“The Constant Nymph” (1943) recently premiered on TCM. It would be interesting to get TV ratings data for that night. A film so long tangled up in legal limbo, it’s a rare gem for classic film buffs, probably all of whom with access to TCM were watching or recording it or both.
“Legal limbo” has an otherworldly sound to it. It’s not really a place. It’s an imaginary existence -- or lack of one -- that suggests a challenge yet to be resolved. Those of us on the outside of this struggle, with little understanding of it, merely accept that there is such a plane of existence.
Accepting without understanding can be a kind of safety valve. At other times, it can be a gift we give to those whose feelings or actions are beyond our comprehension. “The Constant Nymph” shows us a musically creative family who need a great deal of understanding, but whose peculiar “insanity” is “of the most enchanting kind.”
This, according to Charles Boyer, friend of the family and not a little insane himself.
The art of illusion plays a big role in this film, gently directed by Edmund Goulding. The dilapidated chalet in the Swiss alps, whose foothills hover just on the back cyclorama, are straight out of “Heidi”. A storybook illusion. The mosses and ferns, and disparate branches and grasses on the furry mounds just beyond the house wave in the light breeze created by the unseen wind machine, and lift the errant strands of hair escaping from Joan Fontaine’s tight, untidy braids.
The way Boyer rustles his hand through her hair roughly and puts a gentle hammerlock on her, tucking her head under his arm. He doesn’t quite get that she’s in love with him, but the film avoids the sexual escapades of the book by putting her love and his misunderstanding of it on a higher plane.
Like legal limbo, I suppose.
Joan took a dive when she heard that Boyer has suddenly proposed marriage to Alexis Smith. Afterward, whenever Smith and Boyer are around, Joyce Reynolds keeps a close watch on her sensitive sister. On another occasion we see her dark eyes dart from the happy couple to Joan, helpless to prevent the cold slap of reality that she’s just a kid and Boyer is a grown man with a grown man’s appetites.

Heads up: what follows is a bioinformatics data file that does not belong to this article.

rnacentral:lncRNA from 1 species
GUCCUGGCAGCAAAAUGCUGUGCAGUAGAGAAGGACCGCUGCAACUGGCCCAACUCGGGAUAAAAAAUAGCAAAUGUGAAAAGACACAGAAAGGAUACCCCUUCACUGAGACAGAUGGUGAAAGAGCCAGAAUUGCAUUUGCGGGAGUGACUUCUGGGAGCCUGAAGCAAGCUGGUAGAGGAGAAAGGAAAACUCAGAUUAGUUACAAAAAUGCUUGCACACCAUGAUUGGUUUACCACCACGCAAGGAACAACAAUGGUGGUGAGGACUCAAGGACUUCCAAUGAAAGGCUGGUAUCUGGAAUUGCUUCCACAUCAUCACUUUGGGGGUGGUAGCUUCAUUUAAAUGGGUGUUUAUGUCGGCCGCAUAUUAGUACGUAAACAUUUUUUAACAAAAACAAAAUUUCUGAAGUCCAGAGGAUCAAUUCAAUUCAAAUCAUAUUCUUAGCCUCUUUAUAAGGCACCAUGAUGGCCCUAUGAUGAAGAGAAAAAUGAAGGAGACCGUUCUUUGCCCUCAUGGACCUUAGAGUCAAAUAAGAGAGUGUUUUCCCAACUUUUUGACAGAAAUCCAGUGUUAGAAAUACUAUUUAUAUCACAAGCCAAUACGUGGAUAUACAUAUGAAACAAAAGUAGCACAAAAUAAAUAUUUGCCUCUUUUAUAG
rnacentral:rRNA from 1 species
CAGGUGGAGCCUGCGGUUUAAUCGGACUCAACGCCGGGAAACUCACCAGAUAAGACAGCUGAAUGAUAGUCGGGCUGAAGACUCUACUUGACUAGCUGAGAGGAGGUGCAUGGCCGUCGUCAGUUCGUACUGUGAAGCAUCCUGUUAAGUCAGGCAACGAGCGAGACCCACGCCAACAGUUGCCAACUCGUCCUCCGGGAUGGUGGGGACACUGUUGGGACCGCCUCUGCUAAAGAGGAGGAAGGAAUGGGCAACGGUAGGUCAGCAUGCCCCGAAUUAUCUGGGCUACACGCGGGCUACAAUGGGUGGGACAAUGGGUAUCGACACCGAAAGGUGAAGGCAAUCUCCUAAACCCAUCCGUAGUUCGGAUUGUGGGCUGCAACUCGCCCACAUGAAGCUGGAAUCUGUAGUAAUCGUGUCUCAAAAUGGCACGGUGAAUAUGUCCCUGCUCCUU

But soon, it’s Alexis Smith who needs comforting. She has perceived no warning from Joyce Reynold’s alert glances. Miss Smith begins to sense, on her own, a bond between Boyer and Fontaine. She’s almost sick with jealousy. It’s a very good performance, and even at her most harsh and shrill we have to sympathize with an insecure woman who knows she’s losing her handsome husband to a skinny little poor orphan with fainting spells.
I was a bit thrown by “Danny Boy” being played in the background. Not something I would expect in an upper class British ballroom.
It is the reality of his new everyday existence that perhaps irks Boyer most, with the girls sent to boarding school and Alexis so in love with him she shows him off to all and sundry, when she is not sending him to his studio to work. He needs a little illusion, or at least some self delusion, to buffer against the responsibilities of the everyday.
Her height and elegance conveys that she’s the grown up and Fontaine is the kid. Fontaine’s school uniform helps, and the delightfully floppy way she carries herself completes the picture.
The film has a leisurely feel to it, and lightness, and gentleness that compliments the ethereal nature of the story. It takes a different tone from the book -- and has to, to pass muster of the Code, but this is part of the movie’s charm. It could be such a heavy soap opera, and it’s not. Think of other films like “All This and Heaven, Too” (1940) or “Now, Voyager” (1942), which hammer us with the illicitness of the love story. This fable, like Joan Fontaine’s character, is beautifully natural and tenderly developed.
The tension builds with Alexis Smith’s devotion to honesty, which is even stronger than her devotion to Boyer. The truth may set us free, but honesty is often the most callous and brutal road to freedom. Both Smith and Fontaine suffer this, and courageously face honest self appraisals of their shared reality. The two characters change the most, almost in tandem, through the film.
Smith is not part of Fontaine’s dream sequence; we do not get to see her epiphany. We only see the ironic twist that Fontaine is roused from her reverie by the fear of death in the reprise of lines she earlier recited with an innocent lack of understanding of what they meant.
I like movies that give me something to think about after they end. What if we had been allowed inside Alexis Smith’s head when she changed her mind about the love between Joan Fontaine and Charles Boyer? Her astonishing turnabout, her offer to release him is done without self-pity or bitterness, but with a heart full of love, a sense of excitement in accepting a situation that exists without understanding it. What went on in that theater box for her to do a 180 on wanting to boot Fontaine out of her house?
What if the ending was different? (I’m going to avoid a spoiler here, but you several million who watched the TCM premiere know what I’m talking about.) Would there still be a romantic triangle tinged with the rumor of pedophilia? Would Boyer ever find his muse without losing it first?
What happens if he is without both his muse and his wife? Is he still going to compose, the new darling of the moneyed set, or just find some other storybook soundstage to lose himself -- that other elusive plane of existence that enchants and entangles, and inevitably leads to sorrow?
Like legal limbo.